Patients with advanced colorectal cancer may be spared from a toxic side effect caused by a type of targeted therapy used to treat cancer with the help of another drug normally used to treat melanoma, according to a study led by researchers at the UCLA Jonsson Comprehensive Cancer Center and Memorial Sloan Kettering Cancer Center.
For the past decade, epidermal growth factor receptor (EGFR) inhibitors have helped prolong the lives of patients with many advanced cancers, including cancers in the lung, head and neck, colorectal, breast, bladder and pancreas.
While these targeted therapy drugs are highly effective at keeping cancer at bay, they can cause patients to develop acneiform lesions, a type of skin rash that looks like acne bumps and frequently leads to impaired quality of life and drug discontinuation.
Between 75% to 90% of patients on this treatment suffer from acneiform rash, and there is currently no FDA approved treatment for this side effect.
"A majority of patients with advanced colorectal cancer are treated with these types of drugs at some point in their treatment," said study co-author Dr Zev Wainberg, associate professor of medicine at the David Geffen School of Medicine at UCLA and director of the early phase clinical research program at the Jonsson Cancer Center.
"And when patients experience this type of difficult rash -- which is very common -- we have very limited options other than antibiotics, decreasing the dosage or discontinuing the treatment altogether."
To eliminate the rash, researchers looked to BRAF inhibitors, a relatively new cancer therapy used to treat melanoma. In the laboratory, UCLA researchers discovered that BRAF inhibitors could also be used to help speed up how the skin repairs itself from injury and lessen skin-related side effects.
BRAF inhibitors given in pill form works by blocking a mutated gene found most commonly in melanoma, which rapidly shrinks the tumours.
This can also set off a cellular cascade in other skin cells in a process called paradoxical MAPK activation, which leads to increased signalling and proliferation.
A team at Lutris-Pharma working with Dr Antoni Ribas, professor of medicine and director of the tumour immunology program at the Jonsson Cancer Center, developed a topical BRAF inhibitor that can be applied directly on the skin, called LUT014.
They found in laboratory models that the therapy induces paradoxical MAPK activation of skin cells and offsets the negative effects of EGFR inhibitors.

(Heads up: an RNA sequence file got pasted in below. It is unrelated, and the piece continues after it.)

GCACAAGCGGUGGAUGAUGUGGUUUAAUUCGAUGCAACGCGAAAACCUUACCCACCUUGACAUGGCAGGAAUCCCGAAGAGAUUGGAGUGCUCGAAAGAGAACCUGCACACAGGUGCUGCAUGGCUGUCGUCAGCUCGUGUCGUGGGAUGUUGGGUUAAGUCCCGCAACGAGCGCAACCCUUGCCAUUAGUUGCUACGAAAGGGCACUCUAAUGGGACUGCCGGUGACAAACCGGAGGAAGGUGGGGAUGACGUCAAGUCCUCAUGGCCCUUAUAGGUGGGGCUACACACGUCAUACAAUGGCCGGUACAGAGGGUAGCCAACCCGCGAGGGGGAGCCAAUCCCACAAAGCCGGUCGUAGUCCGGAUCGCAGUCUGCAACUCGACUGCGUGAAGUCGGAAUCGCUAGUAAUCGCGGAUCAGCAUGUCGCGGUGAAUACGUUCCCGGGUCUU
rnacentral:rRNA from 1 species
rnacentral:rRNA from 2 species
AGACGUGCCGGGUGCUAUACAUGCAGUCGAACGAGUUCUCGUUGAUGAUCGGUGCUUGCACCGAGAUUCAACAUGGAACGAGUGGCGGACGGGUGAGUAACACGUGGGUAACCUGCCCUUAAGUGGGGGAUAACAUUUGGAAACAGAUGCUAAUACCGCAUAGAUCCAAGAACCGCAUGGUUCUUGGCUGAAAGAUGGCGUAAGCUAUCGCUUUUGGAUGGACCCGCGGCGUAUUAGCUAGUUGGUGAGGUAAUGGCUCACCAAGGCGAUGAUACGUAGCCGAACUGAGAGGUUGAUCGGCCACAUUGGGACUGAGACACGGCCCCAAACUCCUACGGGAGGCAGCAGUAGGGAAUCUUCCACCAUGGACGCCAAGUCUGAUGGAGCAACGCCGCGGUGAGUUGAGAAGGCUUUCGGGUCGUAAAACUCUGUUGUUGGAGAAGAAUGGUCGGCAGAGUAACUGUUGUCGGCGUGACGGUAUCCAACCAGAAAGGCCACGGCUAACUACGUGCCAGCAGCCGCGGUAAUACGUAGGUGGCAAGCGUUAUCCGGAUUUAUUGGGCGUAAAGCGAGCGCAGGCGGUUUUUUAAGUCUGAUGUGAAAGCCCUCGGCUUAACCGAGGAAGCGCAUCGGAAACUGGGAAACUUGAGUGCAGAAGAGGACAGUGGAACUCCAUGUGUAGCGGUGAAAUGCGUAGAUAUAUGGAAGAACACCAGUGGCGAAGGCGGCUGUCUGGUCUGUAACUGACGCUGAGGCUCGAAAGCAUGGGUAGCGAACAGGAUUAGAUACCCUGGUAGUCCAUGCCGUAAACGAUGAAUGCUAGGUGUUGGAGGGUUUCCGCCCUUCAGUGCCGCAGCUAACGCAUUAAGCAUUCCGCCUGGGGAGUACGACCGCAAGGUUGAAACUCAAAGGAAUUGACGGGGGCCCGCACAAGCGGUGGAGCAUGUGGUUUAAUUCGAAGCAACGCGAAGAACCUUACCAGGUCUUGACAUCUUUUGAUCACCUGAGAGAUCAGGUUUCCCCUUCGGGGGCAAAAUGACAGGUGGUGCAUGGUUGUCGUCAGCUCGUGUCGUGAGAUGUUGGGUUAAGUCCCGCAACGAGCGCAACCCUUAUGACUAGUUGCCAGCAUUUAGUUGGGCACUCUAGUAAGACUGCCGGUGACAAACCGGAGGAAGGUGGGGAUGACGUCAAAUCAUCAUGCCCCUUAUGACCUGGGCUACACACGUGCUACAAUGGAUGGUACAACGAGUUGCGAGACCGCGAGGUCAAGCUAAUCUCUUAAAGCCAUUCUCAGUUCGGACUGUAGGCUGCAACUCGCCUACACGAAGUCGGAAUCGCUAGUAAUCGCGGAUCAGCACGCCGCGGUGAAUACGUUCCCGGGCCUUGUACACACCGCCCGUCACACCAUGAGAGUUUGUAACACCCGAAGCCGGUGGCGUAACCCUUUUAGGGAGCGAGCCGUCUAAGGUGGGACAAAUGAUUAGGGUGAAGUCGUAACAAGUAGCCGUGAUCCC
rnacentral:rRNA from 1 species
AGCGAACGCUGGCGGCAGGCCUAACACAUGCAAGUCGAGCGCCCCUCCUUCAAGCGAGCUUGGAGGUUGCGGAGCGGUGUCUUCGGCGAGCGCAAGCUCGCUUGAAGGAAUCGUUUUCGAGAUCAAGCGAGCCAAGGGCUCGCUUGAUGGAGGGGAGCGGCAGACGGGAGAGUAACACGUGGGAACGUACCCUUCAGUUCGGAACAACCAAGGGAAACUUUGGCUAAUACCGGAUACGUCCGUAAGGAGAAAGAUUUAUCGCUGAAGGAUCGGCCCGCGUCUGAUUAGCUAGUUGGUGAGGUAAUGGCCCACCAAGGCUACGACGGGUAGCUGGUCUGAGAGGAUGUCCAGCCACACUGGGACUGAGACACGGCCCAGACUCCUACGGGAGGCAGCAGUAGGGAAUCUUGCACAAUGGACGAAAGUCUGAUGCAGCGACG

The cancer is being inhibited by the EGFR inhibitor, but the cream is letting the skin go back to normal by activating this pathway, said Ribas.
"It's a new, original idea to address the more common toxicity from the class of drugs that have improved the treatment of patients with colorectal cancer," said Ribas, who is also the senior author of the study.
"We saw a dramatic improvement using BRAF inhibitors in the laboratory and hoped it might improve the EGFR inhibitor-induced rashes in patients."
To test the topical administration of LUT014, researchers enrolled 10 patients with metastatic colorectal carcinoma who developed grade 1 or 2 skin rash (with grade 2 being worse) while on therapy with EGFR inhibitors cetuximab or panitumumab.
They were separated into three different cohorts with dosages of 0.3, 1 or 2.5 mg/g of LUT014 and were treated for 28 days.
All three patients in the first cohort received the 0.3 mg/g dosage and all improved from a grade 2 rash to a grade 1 rash.
In the second cohort, four patients received the 1.0 mg/g dosage and started with a grade 2 or grade 1 rash.
The two patients who had a grade 2 rash improved to a grade 1 rash and the two patients who started with a grade 1 rash did not see a change of grading with the treatment.
On the third cohort, three patients received 2.5 mg/g, two starting with a grade 2 rash and one starting with a grade 1 rash.
One of them improved, another stayed stable and another experienced worsening of the skin rash.
Overall, 6 out of the 10 patients showed a reduction in the severity of the rash and the improvements were maintained a month after treatment. The lower dosages of the treatment fared better than the higher dose.
No dose-limiting adverse effects were noted.
"Until now, we haven't had any original solutions to address these common, painful rashes," said Wainberg, who is also the co-director of the UCLA gastrointestinal oncology program. "This study demonstrated that you can eliminate the rash in a more logical and mechanistic way."
Source: University of California
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